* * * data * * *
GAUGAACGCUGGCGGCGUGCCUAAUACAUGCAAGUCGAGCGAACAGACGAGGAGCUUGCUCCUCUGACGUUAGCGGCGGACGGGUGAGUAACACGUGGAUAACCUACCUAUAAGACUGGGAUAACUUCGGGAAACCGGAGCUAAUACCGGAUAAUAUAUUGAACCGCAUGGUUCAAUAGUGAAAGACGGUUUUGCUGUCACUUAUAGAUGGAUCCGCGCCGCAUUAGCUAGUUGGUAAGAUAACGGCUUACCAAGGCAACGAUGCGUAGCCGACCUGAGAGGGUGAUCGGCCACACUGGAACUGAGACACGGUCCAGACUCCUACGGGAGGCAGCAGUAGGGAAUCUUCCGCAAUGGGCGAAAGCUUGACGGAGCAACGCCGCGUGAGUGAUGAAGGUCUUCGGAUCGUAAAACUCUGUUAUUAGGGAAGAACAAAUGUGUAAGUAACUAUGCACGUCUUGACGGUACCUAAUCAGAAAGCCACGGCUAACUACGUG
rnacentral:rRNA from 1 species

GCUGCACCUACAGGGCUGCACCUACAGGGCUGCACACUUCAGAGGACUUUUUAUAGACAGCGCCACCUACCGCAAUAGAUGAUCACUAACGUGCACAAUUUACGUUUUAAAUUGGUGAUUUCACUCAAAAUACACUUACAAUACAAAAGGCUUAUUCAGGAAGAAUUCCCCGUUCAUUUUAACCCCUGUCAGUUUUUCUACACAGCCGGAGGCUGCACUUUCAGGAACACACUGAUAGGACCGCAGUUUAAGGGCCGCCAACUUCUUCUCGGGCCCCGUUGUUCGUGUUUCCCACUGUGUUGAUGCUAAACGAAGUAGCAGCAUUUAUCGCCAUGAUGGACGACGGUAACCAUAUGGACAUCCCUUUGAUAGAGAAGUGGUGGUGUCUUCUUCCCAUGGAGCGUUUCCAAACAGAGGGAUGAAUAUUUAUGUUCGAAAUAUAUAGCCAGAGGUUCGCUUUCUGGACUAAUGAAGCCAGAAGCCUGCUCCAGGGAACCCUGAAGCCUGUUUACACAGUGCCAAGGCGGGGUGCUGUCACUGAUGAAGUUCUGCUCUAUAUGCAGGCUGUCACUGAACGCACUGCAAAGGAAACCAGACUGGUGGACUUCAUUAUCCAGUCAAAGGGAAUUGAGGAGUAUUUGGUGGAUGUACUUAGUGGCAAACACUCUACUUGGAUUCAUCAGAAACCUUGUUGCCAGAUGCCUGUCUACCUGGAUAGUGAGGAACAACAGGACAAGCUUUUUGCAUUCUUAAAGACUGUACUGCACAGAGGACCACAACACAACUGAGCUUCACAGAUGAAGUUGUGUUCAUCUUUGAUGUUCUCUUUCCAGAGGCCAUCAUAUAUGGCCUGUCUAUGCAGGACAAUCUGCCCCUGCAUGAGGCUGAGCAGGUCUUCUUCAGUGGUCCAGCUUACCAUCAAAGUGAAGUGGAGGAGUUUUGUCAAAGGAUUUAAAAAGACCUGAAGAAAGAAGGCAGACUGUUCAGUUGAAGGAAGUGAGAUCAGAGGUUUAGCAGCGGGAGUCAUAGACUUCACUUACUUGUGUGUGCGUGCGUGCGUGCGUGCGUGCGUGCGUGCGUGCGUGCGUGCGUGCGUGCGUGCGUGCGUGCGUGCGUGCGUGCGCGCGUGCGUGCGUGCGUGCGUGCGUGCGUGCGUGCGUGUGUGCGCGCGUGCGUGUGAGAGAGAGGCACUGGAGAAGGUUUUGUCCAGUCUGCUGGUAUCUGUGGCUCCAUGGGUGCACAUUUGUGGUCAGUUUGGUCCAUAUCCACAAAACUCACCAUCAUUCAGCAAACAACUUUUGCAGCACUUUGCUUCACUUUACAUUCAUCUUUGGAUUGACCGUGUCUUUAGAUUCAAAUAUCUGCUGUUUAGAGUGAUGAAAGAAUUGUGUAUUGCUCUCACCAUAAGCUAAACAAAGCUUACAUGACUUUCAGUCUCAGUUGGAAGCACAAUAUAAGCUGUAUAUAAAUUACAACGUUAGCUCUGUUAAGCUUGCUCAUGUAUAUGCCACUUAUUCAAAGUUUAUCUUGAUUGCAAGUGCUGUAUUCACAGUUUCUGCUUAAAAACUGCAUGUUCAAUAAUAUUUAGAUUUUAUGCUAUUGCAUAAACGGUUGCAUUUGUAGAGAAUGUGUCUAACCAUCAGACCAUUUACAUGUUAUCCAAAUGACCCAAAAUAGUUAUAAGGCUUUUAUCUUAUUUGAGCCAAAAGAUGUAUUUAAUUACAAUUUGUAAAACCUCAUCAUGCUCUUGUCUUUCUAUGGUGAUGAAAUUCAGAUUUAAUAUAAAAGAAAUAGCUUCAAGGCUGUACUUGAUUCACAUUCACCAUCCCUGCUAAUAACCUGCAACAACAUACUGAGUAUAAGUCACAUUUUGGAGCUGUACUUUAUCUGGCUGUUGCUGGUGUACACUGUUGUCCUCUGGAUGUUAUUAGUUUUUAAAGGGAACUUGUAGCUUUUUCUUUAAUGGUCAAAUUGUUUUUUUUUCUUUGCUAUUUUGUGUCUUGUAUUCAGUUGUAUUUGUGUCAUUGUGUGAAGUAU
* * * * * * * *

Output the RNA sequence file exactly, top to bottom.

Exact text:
GAUGAACGCUGGCGGCGUGCCUAAUACAUGCAAGUCGAGCGAACAGACGAGGAGCUUGCUCCUCUGACGUUAGCGGCGGACGGGUGAGUAACACGUGGAUAACCUACCUAUAAGACUGGGAUAACUUCGGGAAACCGGAGCUAAUACCGGAUAAUAUAUUGAACCGCAUGGUUCAAUAGUGAAAGACGGUUUUGCUGUCACUUAUAGAUGGAUCCGCGCCGCAUUAGCUAGUUGGUAAGAUAACGGCUUACCAAGGCAACGAUGCGUAGCCGACCUGAGAGGGUGAUCGGCCACACUGGAACUGAGACACGGUCCAGACUCCUACGGGAGGCAGCAGUAGGGAAUCUUCCGCAAUGGGCGAAAGCUUGACGGAGCAACGCCGCGUGAGUGAUGAAGGUCUUCGGAUCGUAAAACUCUGUUAUUAGGGAAGAACAAAUGUGUAAGUAACUAUGCACGUCUUGACGGUACCUAAUCAGAAAGCCACGGCUAACUACGUG
rnacentral:rRNA from 1 species

GCUGCACCUACAGGGCUGCACCUACAGGGCUGCACACUUCAGAGGACUUUUUAUAGACAGCGCCACCUACCGCAAUAGAUGAUCACUAACGUGCACAAUUUACGUUUUAAAUUGGUGAUUUCACUCAAAAUACACUUACAAUACAAAAGGCUUAUUCAGGAAGAAUUCCCCGUUCAUUUUAACCCCUGUCAGUUUUUCUACACAGCCGGAGGCUGCACUUUCAGGAACACACUGAUAGGACCGCAGUUUAAGGGCCGCCAACUUCUUCUCGGGCCCCGUUGUUCGUGUUUCCCACUGUGUUGAUGCUAAACGAAGUAGCAGCAUUUAUCGCCAUGAUGGACGACGGUAACCAUAUGGACAUCCCUUUGAUAGAGAAGUGGUGGUGUCUUCUUCCCAUGGAGCGUUUCCAAACAGAGGGAUGAAUAUUUAUGUUCGAAAUAUAUAGCCAGAGGUUCGCUUUCUGGACUAAUGAAGCCAGAAGCCUGCUCCAGGGAACCCUGAAGCCUGUUUACACAGUGCCAAGGCGGGGUGCUGUCACUGAUGAAGUUCUGCUCUAUAUGCAGGCUGUCACUGAACGCACUGCAAAGGAAACCAGACUGGUGGACUUCAUUAUCCAGUCAAAGGGAAUUGAGGAGUAUUUGGUGGAUGUACUUAGUGGCAAACACUCUACUUGGAUUCAUCAGAAACCUUGUUGCCAGAUGCCUGUCUACCUGGAUAGUGAGGAACAACAGGACAAGCUUUUUGCAUUCUUAAAGACUGUACUGCACAGAGGACCACAACACAACUGAGCUUCACAGAUGAAGUUGUGUUCAUCUUUGAUGUUCUCUUUCCAGAGGCCAUCAUAUAUGGCCUGUCUAUGCAGGACAAUCUGCCCCUGCAUGAGGCUGAGCAGGUCUUCUUCAGUGGUCCAGCUUACCAUCAAAGUGAAGUGGAGGAGUUUUGUCAAAGGAUUUAAAAAGACCUGAAGAAAGAAGGCAGACUGUUCAGUUGAAGGAAGUGAGAUCAGAGGUUUAGCAGCGGGAGUCAUAGACUUCACUUACUUGUGUGUGCGUGCGUGCGUGCGUGCGUGCGUGCGUGCGUGCGUGCGUGCGUGCGUGCGUGCGUGCGUGCGUGCGUGCGUGCGCGCGUGCGUGCGUGCGUGCGUGCGUGCGUGCGUGCGUGUGUGCGCGCGUGCGUGUGAGAGAGAGGCACUGGAGAAGGUUUUGUCCAGUCUGCUGGUAUCUGUGGCUCCAUGGGUGCACAUUUGUGGUCAGUUUGGUCCAUAUCCACAAAACUCACCAUCAUUCAGCAAACAACUUUUGCAGCACUUUGCUUCACUUUACAUUCAUCUUUGGAUUGACCGUGUCUUUAGAUUCAAAUAUCUGCUGUUUAGAGUGAUGAAAGAAUUGUGUAUUGCUCUCACCAUAAGCUAAACAAAGCUUACAUGACUUUCAGUCUCAGUUGGAAGCACAAUAUAAGCUGUAUAUAAAUUACAACGUUAGCUCUGUUAAGCUUGCUCAUGUAUAUGCCACUUAUUCAAAGUUUAUCUUGAUUGCAAGUGCUGUAUUCACAGUUUCUGCUUAAAAACUGCAUGUUCAAUAAUAUUUAGAUUUUAUGCUAUUGCAUAAACGGUUGCAUUUGUAGAGAAUGUGUCUAACCAUCAGACCAUUUACAUGUUAUCCAAAUGACCCAAAAUAGUUAUAAGGCUUUUAUCUUAUUUGAGCCAAAAGAUGUAUUUAAUUACAAUUUGUAAAACCUCAUCAUGCUCUUGUCUUUCUAUGGUGAUGAAAUUCAGAUUUAAUAUAAAAGAAAUAGCUUCAAGGCUGUACUUGAUUCACAUUCACCAUCCCUGCUAAUAACCUGCAACAACAUACUGAGUAUAAGUCACAUUUUGGAGCUGUACUUUAUCUGGCUGUUGCUGGUGUACACUGUUGUCCUCUGGAUGUUAUUAGUUUUUAAAGGGAACUUGUAGCUUUUUCUUUAAUGGUCAAAUUGUUUUUUUUUCUUUGCUAUUUUGUGUCUUGUAUUCAGUUGUAUUUGUGUCAUUGUGUGAAGUAU